Suppliciumque suum est.

-----A poisonous morsel in her teeth she chewed,

And gorged the flesh of vipers for her food.

Minerva loathing, turned away her eye.

The hideous monster, rising heavily,

Came stalking forward with a sullen pace,

And left her mangled offals on the place.

Soon as she saw the goddess gay and bright,

She fetched a groan at such a cheerful sight.

Livid and meagre were her looks, her eye

In foul distorted glances turned awry;

A hoard of gall her inward parts possessed,

And spread a greenness o'er her canker'd breast;

Her teeth were brown with rust, and from her tongue

In dangling drops the stringy poison hung.

She never smiles but when the wretched weep;

Nor lulls her malice with a moment's sleep:

Restless in spite while watchful to destroy,

She pines and sickens at another's joy;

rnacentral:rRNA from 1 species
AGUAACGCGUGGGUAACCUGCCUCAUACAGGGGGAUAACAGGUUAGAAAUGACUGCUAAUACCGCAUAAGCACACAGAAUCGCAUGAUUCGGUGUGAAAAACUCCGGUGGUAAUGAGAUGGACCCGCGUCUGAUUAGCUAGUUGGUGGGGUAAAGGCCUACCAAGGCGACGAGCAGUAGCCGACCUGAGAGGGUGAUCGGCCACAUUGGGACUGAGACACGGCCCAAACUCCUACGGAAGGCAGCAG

Foe to herself, distressing and distressed,

She bears her own tormentor in her breast.

Murder] φονου, taking away the life of another by any means;

mortal hatred; for he that hates his brother in his heart is a


Debate] εριδος, contention, discord, &c. Of this vile passion

the Greeks made a goddess.

Deceit] δολου, lying, falsity, prevarication, imposition, &c.;

from δελω, to take with a bait.

Malignity] κακοηθειας, from κακος, evil, and ηθος,

a custom; bad customs, founded in corrupt sentiment, producing

evil habits, supported by general usage. It is generally

interpreted, a malignity of mind, which leads its possessor to put

the worst construction on every action; ascribing to the best

deeds the worst motives.

Whisperers] ψιθυριστος, secret detractors; those who, under

pretended secrecy, carry about accusations against their